It’s been a tumultuous couple of years in the UK. Since 2015, the country has seen three different prime ministers in David Cameron, Theresa May and Boris Johnson. These successive leaders have overseen the UK’s impending exit from the European Union, which after much political back-and-forth, is slated for October 31st2019.
Ahead of this date, the Federation of Small Businesses (FSB) has laid out three priorities for new Prime Minister Boris Johnson.
“We need to see a real sense of urgency from this new Prime Minister when it comes to creating a pro-enterprise environment,” said Mike Cherry, the FSB National Chairman.
“As things stand, small business confidence is at rock-bottom; political uncertainty has left us unable to invest, grow and plan for the future.”
The FSB has stressed that “time is of the essence for this new government” to resolve the direction of the country beyond October 31st and to begin focusing on the three most pressing issues facing businesses and industry.
Business rates need urgent reform
The FSB has long campaigned for reform of the business rates system, calling it “expensive, inflexible and unfair” and “out-dated”. The body has also found that business rates amount to one of the highest costs that small businesses must shoulder.
As such, the FSB is calling for reform of the system to reduce the financial burden it places on small businesses. To achieve this, it is calling for the extension of a two-year, 33% discount. So far, this is only available to small retail businesses with a rateable value of up to £51,000.
The FSB wants to see this extended to manufacturers as well as retailers and made permanent rather than being available for only two years. The body also wants to see consistency across the UK, calling on the government to give nurseries 100% rate relief.
Deliver on much-needed infrastructure upgrades
While the private sector is rolling out 5G wireless internet for mobile internet access, the FSB is piling on the pressure to make sure that the government is doing its part to help create a more competitive business environment, too.
The organisation argues that this should come in the form of investment in desperately needed infrastructure upgrades, with a focus on broadband and telephones.
The FSB has made clear that small businesses are missing out on the upload and download speeds they are entitled to under the Universal Service Obligation, an Ofcom initiative which stipulates that all homes and businesses are entitled to a “decent and affordable broadband connection”.
According to a report published by the European Commission, the UK lags behind other EU nations on a range of different measures where internet access is concerned, and as recently as 2018 was ranked 35th in the world for global broadband speeds. This leaves businesses at a competitive disadvantage to international competition.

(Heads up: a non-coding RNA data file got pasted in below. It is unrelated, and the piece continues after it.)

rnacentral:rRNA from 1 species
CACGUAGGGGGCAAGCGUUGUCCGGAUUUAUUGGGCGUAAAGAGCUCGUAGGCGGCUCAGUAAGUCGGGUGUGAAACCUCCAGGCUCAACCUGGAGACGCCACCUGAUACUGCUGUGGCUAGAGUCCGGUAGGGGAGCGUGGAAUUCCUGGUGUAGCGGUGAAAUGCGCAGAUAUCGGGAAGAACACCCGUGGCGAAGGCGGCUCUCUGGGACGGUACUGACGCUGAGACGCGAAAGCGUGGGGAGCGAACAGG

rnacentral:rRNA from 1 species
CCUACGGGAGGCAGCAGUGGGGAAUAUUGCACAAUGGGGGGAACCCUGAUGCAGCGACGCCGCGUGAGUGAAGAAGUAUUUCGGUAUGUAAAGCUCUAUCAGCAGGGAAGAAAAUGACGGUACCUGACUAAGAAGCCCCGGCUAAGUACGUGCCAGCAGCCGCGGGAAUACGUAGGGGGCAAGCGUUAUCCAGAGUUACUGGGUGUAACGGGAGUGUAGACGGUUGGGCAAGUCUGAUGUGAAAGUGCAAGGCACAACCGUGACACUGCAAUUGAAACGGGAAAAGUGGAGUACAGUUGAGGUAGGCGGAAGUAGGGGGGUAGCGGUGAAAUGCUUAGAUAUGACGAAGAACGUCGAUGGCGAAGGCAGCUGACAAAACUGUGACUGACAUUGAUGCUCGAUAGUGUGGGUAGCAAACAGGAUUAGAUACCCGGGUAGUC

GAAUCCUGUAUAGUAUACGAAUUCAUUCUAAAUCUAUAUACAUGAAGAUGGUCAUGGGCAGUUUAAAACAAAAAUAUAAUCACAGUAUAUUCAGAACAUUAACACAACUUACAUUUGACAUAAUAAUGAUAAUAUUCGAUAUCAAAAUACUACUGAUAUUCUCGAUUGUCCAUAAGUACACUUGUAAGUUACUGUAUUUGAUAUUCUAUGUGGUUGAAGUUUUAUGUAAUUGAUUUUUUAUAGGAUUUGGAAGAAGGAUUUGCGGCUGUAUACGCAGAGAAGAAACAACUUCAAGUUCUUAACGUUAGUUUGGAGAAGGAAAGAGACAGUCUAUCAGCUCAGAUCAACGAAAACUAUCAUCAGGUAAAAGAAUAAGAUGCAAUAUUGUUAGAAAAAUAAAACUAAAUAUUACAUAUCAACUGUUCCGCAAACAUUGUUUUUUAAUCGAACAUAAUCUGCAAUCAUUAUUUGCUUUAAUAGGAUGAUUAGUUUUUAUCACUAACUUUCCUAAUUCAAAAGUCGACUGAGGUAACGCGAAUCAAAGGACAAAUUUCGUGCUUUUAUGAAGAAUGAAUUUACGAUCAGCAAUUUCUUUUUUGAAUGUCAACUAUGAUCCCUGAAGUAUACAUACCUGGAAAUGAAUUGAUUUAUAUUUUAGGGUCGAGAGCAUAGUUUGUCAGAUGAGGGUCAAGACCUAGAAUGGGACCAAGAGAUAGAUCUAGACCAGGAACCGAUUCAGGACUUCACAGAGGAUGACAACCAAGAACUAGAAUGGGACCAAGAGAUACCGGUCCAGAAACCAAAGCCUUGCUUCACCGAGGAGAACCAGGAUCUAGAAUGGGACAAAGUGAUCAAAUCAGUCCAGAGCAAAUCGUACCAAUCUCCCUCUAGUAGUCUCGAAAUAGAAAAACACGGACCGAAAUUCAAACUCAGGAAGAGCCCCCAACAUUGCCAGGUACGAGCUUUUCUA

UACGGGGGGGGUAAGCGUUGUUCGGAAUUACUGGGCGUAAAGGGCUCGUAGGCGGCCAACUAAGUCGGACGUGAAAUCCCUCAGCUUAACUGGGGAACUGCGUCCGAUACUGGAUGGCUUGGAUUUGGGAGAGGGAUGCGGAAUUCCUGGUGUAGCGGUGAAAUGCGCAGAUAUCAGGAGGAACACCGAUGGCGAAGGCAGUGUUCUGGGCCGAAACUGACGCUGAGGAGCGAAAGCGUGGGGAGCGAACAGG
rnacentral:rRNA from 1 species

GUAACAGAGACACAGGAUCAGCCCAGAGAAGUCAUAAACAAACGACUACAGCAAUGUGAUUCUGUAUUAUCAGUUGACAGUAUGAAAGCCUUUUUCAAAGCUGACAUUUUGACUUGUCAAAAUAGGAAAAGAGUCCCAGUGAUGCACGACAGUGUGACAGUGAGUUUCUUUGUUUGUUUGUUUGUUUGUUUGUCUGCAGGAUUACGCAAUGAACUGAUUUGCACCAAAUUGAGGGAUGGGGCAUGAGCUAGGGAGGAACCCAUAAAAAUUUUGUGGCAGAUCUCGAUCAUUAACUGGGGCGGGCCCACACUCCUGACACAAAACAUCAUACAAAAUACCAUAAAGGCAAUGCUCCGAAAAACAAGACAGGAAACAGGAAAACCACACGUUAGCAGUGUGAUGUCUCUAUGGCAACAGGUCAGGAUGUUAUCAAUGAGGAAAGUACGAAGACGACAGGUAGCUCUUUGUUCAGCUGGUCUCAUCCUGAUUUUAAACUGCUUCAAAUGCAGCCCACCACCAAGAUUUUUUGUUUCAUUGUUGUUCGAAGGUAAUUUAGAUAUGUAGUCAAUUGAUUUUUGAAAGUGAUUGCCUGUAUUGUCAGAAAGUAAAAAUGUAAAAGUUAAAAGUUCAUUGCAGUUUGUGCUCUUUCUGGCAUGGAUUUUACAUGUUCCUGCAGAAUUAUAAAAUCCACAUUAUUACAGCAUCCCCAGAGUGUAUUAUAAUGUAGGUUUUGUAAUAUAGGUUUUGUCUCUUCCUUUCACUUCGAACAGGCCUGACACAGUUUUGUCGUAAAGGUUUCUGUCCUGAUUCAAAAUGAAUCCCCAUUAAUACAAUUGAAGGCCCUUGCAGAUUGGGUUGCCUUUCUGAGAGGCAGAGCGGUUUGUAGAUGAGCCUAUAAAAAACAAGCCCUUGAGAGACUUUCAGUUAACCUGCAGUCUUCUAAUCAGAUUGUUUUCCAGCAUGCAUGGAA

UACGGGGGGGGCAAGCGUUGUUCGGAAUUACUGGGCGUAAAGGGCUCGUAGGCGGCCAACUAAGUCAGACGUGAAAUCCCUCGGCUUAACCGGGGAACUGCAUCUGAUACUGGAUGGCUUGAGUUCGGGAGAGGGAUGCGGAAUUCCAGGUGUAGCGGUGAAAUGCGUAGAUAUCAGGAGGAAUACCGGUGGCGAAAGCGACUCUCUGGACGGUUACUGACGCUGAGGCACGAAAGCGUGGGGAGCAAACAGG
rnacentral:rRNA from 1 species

As such, the FSB is keen to highlight the importance of dealing with this imbalance as quickly as possible to ensure that the UK remains a competitive environment post-Brexit.
Help small businesses with the cost of employment
The FSB has identified spiralling employment costs as one of the other big challenges facing small businesses, particularly in an environment where the value of the pound is sliding.
To help offset these costs, the FSB is calling on the government to deliver financial relief for businesses in four ways:
1. Uprate Employment Allowance
Employment Allowance gives businesses the chance to slash their National Insurance bills by as much as £3,000. The FSB wants to see this figure increased to help businesses save more each year, though the organisation has not yet specified a figure.
2. Deliver a National Insurance holiday
The FSB estimates that 80% of small businesses across the country contribute to their local charities or wider communities in a tangible way.
This includes being more likely to hire employees from marginalised sections of the workforce, including older staff, staff with low levels of educational attainment, and workers with a known disability.
The FSB is calling on the government to deliver a one-year National Insurance Holiday for businesses that employ staff from disadvantaged groups. These allow businesses to claim deductions on their National Insurance Contributions for a set period, allowing businesses to reinvest the savings.
3. Introduce a Statutory Sick Pay rebate
The FSB is also calling for the government to introduce a financial reimbursement scheme for Statutory Sick Pay (SSP), whereby businesses can recoup some of the costs associated with long-term staff absence through sickness.
The body is keen to see the government introduce a reformed version of the old Percentage Threshold Scheme. Currently, businesses are unable to reclaim SSP costs.
4. Increase Apprenticeship Fund to help small businesses
Finally, the FSB wants the government to make it easier for small businesses to hire apprentices by shoring up the Apprenticeship Fund.
According to an FSB report on small businesses and apprenticeships, around 20% of businesses who have employed apprentices have struggled to afford the required training costs. Additionally, the majority (60%) of eligible smaller businesses have not received the available £1000 incentive for hiring 16-18 year olds, while 34% were not aware of this incentive.
As such, the FSB wants to see robust change in this area, making it easier for small businesses to access the initiative while ensuring they do not suffer financially for contributing to the development of the workforce of the future.
With Brexit continuing to dominate the political and media landscapes, it’s important that the interests of industry aren’t left to fall to the wayside. The FSB has made a robust case for change, putting small businesses front and centre.